[This also raises two questions for future consideration whether or not this levy passes: 1) Is regrouping all continuing levies into one too risky because many voters might be confused into thinking it would be a mammoth increase when instead it’s just a consolidation? 2) Millage is a percentage based on property values. When continuing levies are said to be inadequate because of inflation, the logical conclusion is that the cost of civic services has increased faster than property evaluations!]
“Continuing” School Issues
There are likely to be others, so please check your local ballot.
1) Ashland County –West Holmes Joint Vocational SD: “The ACWHCC Board of Education has voted to put a 1 mil levy renewal on the Nov. 3, 2015ballot. This represents no new taxes for the community. The levy has been consistantly [sic] renewed every three years since it was first passed fifteen years ago and, therefore, the Board of Education has opted to present it on this ballot as a continuing levy… The money generated from this levy represents 20% of the district’s total budget. It is used for everything from salaries to equipment used in our educational labs as well as whatever is needed to keep the doors open such as utilities, security, etc.”6
2) Chippewa Local SD, item 2 of a combined bond issue and tax levy: “Levy an additional property tax to provide funds for the acquisition, construction, enlargement, renovation, and financing of general permanent improvements at a rate not exceeding 0.5 mill for each one dollar of tax valuation, which amounts to five cents for each one hundred dollars of tax valuation, for a continuing period of time?”7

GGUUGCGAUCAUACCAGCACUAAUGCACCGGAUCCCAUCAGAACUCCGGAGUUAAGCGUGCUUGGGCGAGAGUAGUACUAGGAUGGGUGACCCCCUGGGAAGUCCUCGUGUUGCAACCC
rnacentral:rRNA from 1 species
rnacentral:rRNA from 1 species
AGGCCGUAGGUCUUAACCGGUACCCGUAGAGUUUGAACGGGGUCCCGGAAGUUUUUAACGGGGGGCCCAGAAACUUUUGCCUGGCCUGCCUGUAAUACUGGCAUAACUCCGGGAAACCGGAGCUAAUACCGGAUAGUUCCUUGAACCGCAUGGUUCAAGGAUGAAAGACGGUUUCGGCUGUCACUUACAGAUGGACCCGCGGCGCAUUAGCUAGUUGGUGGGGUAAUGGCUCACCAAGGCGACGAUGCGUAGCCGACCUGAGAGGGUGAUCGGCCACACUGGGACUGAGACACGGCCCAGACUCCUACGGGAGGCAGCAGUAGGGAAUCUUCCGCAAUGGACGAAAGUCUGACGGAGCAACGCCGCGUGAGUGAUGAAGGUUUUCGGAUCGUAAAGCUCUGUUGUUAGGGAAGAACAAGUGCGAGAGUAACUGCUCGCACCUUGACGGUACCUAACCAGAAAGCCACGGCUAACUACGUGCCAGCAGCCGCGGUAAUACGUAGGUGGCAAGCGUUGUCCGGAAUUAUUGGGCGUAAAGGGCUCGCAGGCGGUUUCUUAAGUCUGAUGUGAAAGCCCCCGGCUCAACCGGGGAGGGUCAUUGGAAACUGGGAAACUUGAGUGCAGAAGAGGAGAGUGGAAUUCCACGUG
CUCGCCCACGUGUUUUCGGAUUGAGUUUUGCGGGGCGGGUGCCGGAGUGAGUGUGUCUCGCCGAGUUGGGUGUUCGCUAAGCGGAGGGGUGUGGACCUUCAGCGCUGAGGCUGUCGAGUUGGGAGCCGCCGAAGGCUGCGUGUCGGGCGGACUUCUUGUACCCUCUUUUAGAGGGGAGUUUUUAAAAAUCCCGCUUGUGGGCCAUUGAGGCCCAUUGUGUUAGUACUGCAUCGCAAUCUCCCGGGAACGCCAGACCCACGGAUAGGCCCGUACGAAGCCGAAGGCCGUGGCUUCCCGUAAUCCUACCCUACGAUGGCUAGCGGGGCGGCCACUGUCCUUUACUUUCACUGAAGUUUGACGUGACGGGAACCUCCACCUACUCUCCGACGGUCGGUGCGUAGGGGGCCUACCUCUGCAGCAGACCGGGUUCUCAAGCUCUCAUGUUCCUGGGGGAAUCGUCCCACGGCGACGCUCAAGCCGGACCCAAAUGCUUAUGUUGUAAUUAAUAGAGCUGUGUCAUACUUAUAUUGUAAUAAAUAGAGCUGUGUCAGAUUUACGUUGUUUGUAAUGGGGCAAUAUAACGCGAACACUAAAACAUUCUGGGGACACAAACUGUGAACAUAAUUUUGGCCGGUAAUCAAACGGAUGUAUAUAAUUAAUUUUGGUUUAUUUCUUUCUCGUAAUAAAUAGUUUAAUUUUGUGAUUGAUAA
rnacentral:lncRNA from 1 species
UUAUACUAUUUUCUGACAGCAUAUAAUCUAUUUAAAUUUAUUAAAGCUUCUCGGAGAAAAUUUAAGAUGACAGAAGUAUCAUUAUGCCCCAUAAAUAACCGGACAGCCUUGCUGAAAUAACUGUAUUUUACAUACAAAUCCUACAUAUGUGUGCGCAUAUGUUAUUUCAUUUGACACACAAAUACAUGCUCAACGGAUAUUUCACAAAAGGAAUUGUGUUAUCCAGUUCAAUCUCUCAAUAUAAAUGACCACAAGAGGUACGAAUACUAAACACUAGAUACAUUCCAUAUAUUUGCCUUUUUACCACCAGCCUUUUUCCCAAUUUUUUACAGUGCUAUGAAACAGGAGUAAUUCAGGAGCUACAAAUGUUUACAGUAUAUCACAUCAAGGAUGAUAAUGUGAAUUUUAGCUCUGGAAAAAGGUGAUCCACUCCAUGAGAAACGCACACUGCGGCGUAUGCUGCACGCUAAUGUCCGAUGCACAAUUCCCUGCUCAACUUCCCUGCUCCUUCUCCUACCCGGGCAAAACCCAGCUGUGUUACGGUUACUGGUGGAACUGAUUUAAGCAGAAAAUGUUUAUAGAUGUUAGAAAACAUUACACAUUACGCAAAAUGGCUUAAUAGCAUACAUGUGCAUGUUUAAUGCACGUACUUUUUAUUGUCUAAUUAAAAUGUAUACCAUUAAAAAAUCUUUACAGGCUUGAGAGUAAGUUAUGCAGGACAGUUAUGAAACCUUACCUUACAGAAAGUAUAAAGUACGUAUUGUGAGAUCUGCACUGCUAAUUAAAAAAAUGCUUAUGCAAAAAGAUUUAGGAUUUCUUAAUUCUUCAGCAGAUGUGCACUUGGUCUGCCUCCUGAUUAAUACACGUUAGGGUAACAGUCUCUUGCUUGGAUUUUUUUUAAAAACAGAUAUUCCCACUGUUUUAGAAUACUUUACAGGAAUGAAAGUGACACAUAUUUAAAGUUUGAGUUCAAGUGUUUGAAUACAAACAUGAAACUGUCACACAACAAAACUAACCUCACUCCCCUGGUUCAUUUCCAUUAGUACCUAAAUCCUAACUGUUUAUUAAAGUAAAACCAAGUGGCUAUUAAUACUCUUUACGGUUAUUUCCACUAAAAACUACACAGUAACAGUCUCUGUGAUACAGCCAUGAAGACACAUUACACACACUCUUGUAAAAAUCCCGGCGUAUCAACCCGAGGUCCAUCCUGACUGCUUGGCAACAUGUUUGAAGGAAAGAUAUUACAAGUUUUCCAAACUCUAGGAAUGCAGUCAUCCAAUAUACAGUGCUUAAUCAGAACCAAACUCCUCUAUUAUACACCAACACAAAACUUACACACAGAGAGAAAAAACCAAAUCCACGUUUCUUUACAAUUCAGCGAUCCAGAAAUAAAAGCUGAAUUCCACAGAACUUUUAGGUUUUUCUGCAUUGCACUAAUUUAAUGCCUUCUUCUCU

3) Oregon City SD tax levy: “Current operating expenses; 3.95 mills, additional, continuing period of time.”8
4) Ottawa Hills SD Bond Issue and Tax Levy: “Renovating & improving school facilities; 30-year $13,070,000 bond, 5 mills; Acquisition, construction, enlargement of permanent improvement; 5.35 mills, additional, continuing period of time.”8
5) Upper Sandusky Exempted Village School District (Wyandot, Crawford and Marion counties): “An additional tax for the benefit of Upper Sandusky Exempted Village School District for the purpose of permanent improvements [ballot’s emphasis] at a rate not exceeding 2 mils for each one dollar evaluation, which amounts to twenty cents ($0.20) for each one hundred dollars of valuation, for a continuing period of time, commencing in 2015, first due in calendar year 2016.”9
Continuing funding may have its place. The informed voter will know when it’s appropriate.
Oscar A. (Tony) Rubio is a writer who merges the lessons of history with current events to suggest a better path. He resides in Cincinnati, Ohio and believes that our national mood would be improved if we listened to more Big Band and Jazz as we look forward to the White House changing occupants on January 20, 2017. Tony blogs at www.cartaremi.wordpress.com and www.sportuoso.wordpress.com.
All opinions expressed belong solely to their authors and may not be construed as the opinions of other writers or of OCR staff.
1 – article by Amanda Amsel, http://citybeat.com/cincinnati/article-24212-cps_seeks_a_little_%E2%80%98stability%E2%80%99.html, 10/19/2011.
2 – “Soapdish: Cincinnati parks deserve better than Issue 22,” by Casey Coston, http://www.soapboxmedia.com/features/102715-our-parks-deserve-better-than-issue-22.aspx, 10/27/2015.
3 – “Parks levy not good government,” opinion by Marian A. Spencer, Cincinnati Enquirer, 9/8/2015.
4 – “Pierce Twp. Must rethink fire levy due to state statute,” by Sheila Vilvens, http://www.cincinnati.com/story/news/local/clermontcounty/2015/04/16/pierce-twp-must-rethink-fire-levy-due-state-statute/25872245/, 4/16/2015.
Image: Claude Truong-Ngoc / Wikimedia Commons – cc-by-sa-3.0 [CC BY-SA 3.0 (http://creativecommons.org/licenses/by-sa/3.0)], via Wikimedia Commons